You can achieve this by making your own Interface, which extends the interfaces you want

public interface SerializableMap<K, V> extends Map<K, V>, Serializable {

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It's possible to do this using some generics tricks:

    public <T extends Map<?,?> & Serializable> void setMap(T map)

The above code uses generics to force you to pass a map which implements both interfaces. However, note that a consequence of this is that when you actually pass it the maps, they will probably need to be either marked as serializable or of a map type which is already serializable. It also is quite a bit more difficult to read. I would document that the map must be serializable and perform the test for it.

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I voted up Brian's answer, but wanted to add a little higher-level thought..

If you look through the SDK, you'll find that they rarely (if ever) pass around actual collection objects.

The reason for that is that it's not a very good idea. Collections are extremely unprotected.

Most of the time you want to make a copy before passing it off and pass the copy so that any modifications to the collection won't change the environment for something else that's relying on it. Also, threading becomes a nightmare--even with a synchronized collection!

I've seen two solutions, one is to always extract an array and pass it. This is how the SDK does it.

The other is to ALWAYS wrap collections in a parent class (And I mean encapsulate, not extend). I've gotten into this habit and it's very worth while. It doesn't really cost anything because you don't duplicate all the collection methods anyway (actually you rarely duplicate any of them). In fact what you end up doing is moving "Utility" functionality from other classes distributed all over your code into the wrapper class, which is where it should have been in the first place.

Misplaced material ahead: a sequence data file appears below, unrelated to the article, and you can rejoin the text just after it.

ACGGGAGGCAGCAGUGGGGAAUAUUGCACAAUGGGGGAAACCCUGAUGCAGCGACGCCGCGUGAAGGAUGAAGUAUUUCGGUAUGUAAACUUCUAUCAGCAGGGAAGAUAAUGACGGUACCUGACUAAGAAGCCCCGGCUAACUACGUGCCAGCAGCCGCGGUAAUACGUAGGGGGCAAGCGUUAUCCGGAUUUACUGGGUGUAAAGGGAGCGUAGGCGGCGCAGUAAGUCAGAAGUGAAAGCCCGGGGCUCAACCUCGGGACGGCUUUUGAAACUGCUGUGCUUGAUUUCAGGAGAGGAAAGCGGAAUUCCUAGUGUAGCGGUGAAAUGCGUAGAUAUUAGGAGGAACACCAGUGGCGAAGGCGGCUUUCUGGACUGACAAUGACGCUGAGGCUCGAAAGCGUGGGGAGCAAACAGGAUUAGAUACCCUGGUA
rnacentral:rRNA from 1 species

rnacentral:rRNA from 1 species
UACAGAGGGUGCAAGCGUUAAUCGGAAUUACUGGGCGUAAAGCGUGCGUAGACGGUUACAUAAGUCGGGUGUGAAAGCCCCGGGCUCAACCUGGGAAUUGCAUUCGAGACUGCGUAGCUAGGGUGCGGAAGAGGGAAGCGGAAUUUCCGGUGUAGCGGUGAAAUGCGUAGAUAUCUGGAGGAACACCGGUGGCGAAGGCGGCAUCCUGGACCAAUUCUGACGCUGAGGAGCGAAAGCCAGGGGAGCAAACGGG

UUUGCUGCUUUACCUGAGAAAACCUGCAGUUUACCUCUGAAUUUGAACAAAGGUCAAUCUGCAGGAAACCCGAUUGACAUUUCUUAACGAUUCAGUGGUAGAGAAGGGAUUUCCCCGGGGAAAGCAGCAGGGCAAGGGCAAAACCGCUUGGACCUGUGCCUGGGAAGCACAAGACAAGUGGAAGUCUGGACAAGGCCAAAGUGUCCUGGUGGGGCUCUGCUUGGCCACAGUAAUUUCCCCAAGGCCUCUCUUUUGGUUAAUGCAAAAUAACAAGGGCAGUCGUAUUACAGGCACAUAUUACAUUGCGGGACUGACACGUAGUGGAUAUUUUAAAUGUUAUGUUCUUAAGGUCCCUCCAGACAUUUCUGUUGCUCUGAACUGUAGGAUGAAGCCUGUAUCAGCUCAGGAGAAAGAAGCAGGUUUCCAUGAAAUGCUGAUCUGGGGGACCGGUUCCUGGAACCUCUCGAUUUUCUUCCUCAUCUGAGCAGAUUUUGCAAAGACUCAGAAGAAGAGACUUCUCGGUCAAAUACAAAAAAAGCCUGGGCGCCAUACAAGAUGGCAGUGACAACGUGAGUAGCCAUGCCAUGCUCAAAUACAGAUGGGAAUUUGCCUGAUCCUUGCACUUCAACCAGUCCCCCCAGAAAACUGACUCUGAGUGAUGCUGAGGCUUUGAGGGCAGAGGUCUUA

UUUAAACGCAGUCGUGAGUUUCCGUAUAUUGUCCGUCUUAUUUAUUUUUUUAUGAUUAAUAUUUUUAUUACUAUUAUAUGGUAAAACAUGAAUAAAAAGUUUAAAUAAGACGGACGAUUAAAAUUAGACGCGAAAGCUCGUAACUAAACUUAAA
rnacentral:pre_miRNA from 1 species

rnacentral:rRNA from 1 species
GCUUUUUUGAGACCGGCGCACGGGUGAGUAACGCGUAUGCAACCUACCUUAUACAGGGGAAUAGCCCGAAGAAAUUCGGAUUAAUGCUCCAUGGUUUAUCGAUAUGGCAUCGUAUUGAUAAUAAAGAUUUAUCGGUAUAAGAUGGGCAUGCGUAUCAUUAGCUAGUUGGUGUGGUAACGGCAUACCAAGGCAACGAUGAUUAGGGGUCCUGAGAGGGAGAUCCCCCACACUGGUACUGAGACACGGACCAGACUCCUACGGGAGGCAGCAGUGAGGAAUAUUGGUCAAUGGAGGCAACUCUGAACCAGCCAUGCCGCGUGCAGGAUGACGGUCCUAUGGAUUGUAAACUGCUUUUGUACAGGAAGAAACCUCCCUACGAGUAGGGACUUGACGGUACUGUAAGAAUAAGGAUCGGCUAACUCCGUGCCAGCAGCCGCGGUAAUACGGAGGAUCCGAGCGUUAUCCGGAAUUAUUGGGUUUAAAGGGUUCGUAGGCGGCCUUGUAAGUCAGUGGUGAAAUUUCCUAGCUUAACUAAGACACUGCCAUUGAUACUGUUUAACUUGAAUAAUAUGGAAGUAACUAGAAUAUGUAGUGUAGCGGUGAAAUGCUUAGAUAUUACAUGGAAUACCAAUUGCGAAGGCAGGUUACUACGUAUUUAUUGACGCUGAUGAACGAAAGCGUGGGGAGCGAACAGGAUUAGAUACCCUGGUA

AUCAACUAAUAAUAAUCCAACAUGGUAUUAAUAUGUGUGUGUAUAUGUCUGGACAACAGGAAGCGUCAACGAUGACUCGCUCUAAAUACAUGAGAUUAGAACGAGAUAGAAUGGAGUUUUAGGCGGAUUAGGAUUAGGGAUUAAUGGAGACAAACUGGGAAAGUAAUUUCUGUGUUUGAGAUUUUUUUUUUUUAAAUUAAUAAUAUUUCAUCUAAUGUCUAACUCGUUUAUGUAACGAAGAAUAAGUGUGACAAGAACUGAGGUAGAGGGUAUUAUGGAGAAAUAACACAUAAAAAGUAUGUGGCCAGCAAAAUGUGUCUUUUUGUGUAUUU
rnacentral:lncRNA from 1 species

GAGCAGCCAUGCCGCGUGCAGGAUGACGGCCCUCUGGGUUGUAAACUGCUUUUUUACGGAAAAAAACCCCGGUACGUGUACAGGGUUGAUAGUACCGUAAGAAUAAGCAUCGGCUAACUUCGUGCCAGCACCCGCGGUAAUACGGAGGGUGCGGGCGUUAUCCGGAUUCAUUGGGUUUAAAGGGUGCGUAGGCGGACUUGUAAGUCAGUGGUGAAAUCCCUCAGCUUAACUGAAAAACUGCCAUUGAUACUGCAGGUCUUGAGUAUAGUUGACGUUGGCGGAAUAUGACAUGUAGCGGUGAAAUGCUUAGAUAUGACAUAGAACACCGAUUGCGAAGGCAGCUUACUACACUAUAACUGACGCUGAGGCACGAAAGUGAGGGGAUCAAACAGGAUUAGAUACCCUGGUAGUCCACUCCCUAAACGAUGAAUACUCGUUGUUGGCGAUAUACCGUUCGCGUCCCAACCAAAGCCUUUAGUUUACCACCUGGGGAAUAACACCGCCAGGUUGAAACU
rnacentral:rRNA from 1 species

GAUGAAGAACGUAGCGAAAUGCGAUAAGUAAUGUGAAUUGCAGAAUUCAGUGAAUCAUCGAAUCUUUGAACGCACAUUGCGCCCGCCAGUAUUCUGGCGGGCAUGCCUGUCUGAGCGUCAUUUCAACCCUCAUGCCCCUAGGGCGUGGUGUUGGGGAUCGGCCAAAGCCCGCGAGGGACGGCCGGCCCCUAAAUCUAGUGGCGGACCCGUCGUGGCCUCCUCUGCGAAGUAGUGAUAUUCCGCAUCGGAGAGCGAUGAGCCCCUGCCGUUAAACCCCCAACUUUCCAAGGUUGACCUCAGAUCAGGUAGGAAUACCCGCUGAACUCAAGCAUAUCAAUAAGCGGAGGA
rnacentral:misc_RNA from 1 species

Any method with a signature that matches "method(collection,...)" should almost certainly be a member method of that collection, as should any loops that iterate over the collection.

I just have to throw this out every now and then because it's one of those things I didn't get for a while (because nobody championed the concept). It always seems like it's going to have some drawback but having done this for a while and seeing the problems it solved and code it eliminated, I can't even imagine any possible drawbacks myself, it's just all good.

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I agree with this. It's not clear to me why accepting arbitrary existing Maps is desirable, rather than some semantically meaningful interface specific to the code at hand. – David Moles Jul 14 '09 at 7:33

You can't really do it if you want to keep using the existing Map implementations.

An alternative would be to make a helper class, and add a method like this one:

public static Serializable serializableFromMap(Map<?, ?> map) {
	if (map instanceof Serializable) {
		return (Serializable)map;
	throw new IllegalArgumentException("map wasn't serializable");
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Nope, you'll pretty much need to cast.